Unable to stand his destiny, the unnamed soldier goes to the military hospital where Aram, an old neighbor of his, is recovering from chickenpox. Even though Aram is quarantined and not allowed any visitors, the unnamed soldier convinces the doctor of the hospital to let him see Aram.
As he visits Aram and sits on the edge of his bed, he waits for Aram to cough so that he can swallow even just one drop of Aram’s contagious spit. The soldier leaves knowing that he has taken in enough of Aram’s virus to get sick, too. This way, he’ll be able to sit out his army conscription in the hospital and won’t have to face the humiliation that Mickey faces every day.
Some time after his visit at the hospital, he is diagnosed with chickenpox and taken to the hospital.
His time at the hospital becomes a constant replay of what happened in the bathroom when his comb fell and he picked it up, something he knew no one should ever do, because the bathroom floor is dirty, and the only person who is allowed to pick anything up from the bathroom floor is Mickey. Moreover, Cardinal had been waiting for a new victim to humiliate for some time now. He had already gotten bored of Mickey. The comb falling seemed to be the perfect excuse to debase another soldier.
As the disease progresses, the soldier becomes more and more disillusioned, thinking about how his life would have been had he not picked up the comb and how his life had been before he had come to the army. When he begins to recover and knows there’s only so much time left until he is thrown back into the everyday life of the army, he begins to seriously lose his mind. He cannot face the humiliation and life that Mickey experiences every day, so he takes syringes, fills them up with whatever he can, and shoots them into his chickenpox blisters.
He injects his body with so many drugs that the doctors find him wrapped around the foot of his bed, dead, tightly holding a comb in his hand.
The third part of the novel is told from the perspective of Zizu. He is walking down a path through a forest that is filled with mines. The reason he’s taking this great risk is to meet with Mickey Mouse.
A few months earlier, Zizu accidentally dropped a photograph of his girlfriend in the bathroom sink, and the only person who could salvage it was Mickey. The unspoken rule at the army is that anything that is dropped anywhere in the bathroom automatically belongs to Mickey, because only Mickey is allowed to touch dirt.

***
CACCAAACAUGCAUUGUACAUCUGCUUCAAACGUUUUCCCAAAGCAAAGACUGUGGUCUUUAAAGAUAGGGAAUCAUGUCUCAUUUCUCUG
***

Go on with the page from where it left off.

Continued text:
Zizu makes sure that no one sees Mickey salvaging the photograph. Zizu also makes sure that no one sees him visiting Mickey every night to see the photograph under a dim light. Although Zizu has asked his girlfriend to send him a new photograph, it’ll take some time to get to the base. In the meantime, Zizu secretly visits Mickey every night.
One day, Zizu finds out that Mickey is going to be sent to the front to dig a trench with the rest of his unit. Mickey’s camp will only be a few kilometers away from Zizu’s, so Zizu makes a deal with Mickey to meet him halfway the two camps. In order to get to the meeting point, however, Zizu has to cross the dangerous forest.
As Zizu crosses the forest, he gets blown up by a mine. His ghost doesn’t realize that he’s dead and continues on the path to meet Mickey. When he reaches Mickey, Mickey only sees a shadow, but no person.
In the fourth and final part of the novel, we are back with Bird. Bird is dead, presumably from suicide, but he’s reliving the last day before going to the army over and over again.
He goes to the marketplace to buy fruit as he did every day before he went to the army.
At the marketplace, he meets his favorite fruit-seller, Nara. Nara tells him that he comes every day to tell her that he’s going to the army, but she doesn’t understand why he does that. After all, he’s already been to the army. Are they taking him again?
Nara leaves at one point and Bird follows her. Later, he’s walking to her house. When he reaches her door, Nara lets him in, has him take a seat, and offers him homemade pastry. They drink and they dance. Bird sees Nara’s craziness, but he’s not completely sane himself either.
Unable to handle her insanity through his own insanity, Bird leaves Nara behind in her own world and steps outside into his own. He walks out feeling the world at his fingertips. The novel ends with Bird flying from one sea to the next, free as a bird.